California Vegetation Shows High Vulnerability to Climate Change

California Climate Vulnerability Assessment of Macrogroup Vegetation_01.31.2016_FINAL_Page_001

A study conducted by the University of California-Davis suggests most natural vegetation communities in California will experience significant climate changes by the end of this century. Some of the predicted effects are already happening, such as shifts in species population distributions and extreme weather events.

In this study, 31 “macrogroups” representing over 99% of California’s terrestrial vegetation communities were analyzed based on their vulnerability to various scenarios demonstrating future climate conditions (i.e., changes in temperature and precipitation) by 2100.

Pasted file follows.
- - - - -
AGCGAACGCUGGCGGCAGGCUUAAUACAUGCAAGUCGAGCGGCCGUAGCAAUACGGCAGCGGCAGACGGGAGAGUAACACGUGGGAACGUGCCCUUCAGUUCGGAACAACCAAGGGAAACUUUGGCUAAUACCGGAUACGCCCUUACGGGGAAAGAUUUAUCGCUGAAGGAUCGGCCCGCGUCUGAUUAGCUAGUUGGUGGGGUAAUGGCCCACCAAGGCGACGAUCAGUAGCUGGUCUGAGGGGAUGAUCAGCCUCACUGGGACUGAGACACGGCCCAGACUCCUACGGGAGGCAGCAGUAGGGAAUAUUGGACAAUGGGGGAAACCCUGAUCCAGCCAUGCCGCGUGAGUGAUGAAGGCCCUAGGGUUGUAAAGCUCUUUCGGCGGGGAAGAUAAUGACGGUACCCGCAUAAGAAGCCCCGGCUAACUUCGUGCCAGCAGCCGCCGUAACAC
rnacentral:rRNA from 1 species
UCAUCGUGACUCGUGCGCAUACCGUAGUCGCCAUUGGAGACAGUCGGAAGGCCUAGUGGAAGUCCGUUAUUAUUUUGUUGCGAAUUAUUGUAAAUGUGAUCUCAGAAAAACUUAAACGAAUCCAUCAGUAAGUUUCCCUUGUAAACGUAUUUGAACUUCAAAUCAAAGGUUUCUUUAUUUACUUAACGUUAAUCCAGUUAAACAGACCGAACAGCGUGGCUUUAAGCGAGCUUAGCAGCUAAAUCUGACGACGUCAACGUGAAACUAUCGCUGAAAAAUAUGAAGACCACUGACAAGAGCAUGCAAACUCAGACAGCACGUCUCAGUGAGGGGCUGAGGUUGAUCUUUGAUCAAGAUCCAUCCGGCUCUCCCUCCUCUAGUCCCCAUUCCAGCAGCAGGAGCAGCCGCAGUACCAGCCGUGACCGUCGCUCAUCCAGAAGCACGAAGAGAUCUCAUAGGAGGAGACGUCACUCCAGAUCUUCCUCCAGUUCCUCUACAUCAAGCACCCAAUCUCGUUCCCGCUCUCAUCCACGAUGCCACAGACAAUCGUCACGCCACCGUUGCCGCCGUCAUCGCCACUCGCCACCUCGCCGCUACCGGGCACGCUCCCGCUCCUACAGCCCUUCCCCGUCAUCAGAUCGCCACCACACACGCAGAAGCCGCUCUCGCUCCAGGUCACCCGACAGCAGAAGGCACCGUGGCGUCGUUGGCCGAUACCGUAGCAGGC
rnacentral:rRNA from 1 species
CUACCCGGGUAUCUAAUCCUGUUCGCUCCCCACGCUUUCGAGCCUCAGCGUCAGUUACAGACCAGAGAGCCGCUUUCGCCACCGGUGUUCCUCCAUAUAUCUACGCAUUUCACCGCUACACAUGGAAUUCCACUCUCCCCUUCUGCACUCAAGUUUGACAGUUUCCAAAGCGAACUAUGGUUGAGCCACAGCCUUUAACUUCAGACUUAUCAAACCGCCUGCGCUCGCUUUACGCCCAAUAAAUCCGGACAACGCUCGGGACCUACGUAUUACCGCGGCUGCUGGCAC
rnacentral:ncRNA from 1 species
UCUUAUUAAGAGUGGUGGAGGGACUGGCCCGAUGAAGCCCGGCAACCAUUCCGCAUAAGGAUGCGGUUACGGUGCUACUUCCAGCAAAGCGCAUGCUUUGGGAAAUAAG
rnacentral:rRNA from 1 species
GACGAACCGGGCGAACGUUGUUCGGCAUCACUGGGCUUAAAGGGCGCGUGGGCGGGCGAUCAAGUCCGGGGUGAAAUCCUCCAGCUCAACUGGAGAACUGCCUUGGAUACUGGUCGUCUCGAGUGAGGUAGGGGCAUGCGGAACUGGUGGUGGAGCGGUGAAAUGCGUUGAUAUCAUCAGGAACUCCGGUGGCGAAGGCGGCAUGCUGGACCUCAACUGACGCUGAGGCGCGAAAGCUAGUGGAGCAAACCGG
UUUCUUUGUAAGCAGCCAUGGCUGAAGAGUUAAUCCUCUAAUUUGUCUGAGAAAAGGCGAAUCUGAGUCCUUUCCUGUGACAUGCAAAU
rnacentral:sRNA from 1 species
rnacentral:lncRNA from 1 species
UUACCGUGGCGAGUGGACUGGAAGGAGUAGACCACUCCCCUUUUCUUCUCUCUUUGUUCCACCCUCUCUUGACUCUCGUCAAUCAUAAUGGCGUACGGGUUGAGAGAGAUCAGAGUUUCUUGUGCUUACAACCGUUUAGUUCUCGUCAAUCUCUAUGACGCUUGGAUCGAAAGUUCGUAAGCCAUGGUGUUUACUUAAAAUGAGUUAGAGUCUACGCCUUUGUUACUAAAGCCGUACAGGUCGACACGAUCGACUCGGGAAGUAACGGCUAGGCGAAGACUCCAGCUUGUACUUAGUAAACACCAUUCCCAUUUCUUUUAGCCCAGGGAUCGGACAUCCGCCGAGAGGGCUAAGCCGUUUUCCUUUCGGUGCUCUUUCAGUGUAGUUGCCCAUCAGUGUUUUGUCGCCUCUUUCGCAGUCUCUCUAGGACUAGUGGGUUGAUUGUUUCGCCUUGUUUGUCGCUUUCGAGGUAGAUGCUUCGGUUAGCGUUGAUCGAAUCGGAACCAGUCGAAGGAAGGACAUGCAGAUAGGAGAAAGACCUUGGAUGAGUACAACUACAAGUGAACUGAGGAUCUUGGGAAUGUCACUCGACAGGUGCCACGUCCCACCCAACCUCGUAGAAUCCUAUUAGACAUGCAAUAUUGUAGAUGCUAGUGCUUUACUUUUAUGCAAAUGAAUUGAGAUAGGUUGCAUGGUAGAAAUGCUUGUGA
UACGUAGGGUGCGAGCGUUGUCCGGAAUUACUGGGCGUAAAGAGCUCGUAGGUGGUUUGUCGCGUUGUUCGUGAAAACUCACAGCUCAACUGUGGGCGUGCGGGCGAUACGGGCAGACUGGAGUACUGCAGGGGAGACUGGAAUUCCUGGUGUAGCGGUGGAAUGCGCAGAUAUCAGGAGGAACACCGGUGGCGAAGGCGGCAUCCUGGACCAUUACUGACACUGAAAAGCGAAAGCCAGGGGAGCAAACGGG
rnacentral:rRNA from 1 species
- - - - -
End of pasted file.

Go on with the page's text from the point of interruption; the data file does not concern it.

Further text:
Up to 63% of these groups are highly suspectible to climate projections and may experience spatial disruption (where vegetation may relocate from unsuitable conditions), changes in reproductive lifespan,  and other traits in sensitivityand adaptive capacities.California Climate Vulnerability Assessment of Macrogroup Vegetation_01.31.2016_FINAL_Page_022

This study, originally requested and utilized by the California Department of Fish and Wildlife, can contribute to better understanding of environmental changes and aid in biodiversity conservation and climate adaption. To read this report, click here.

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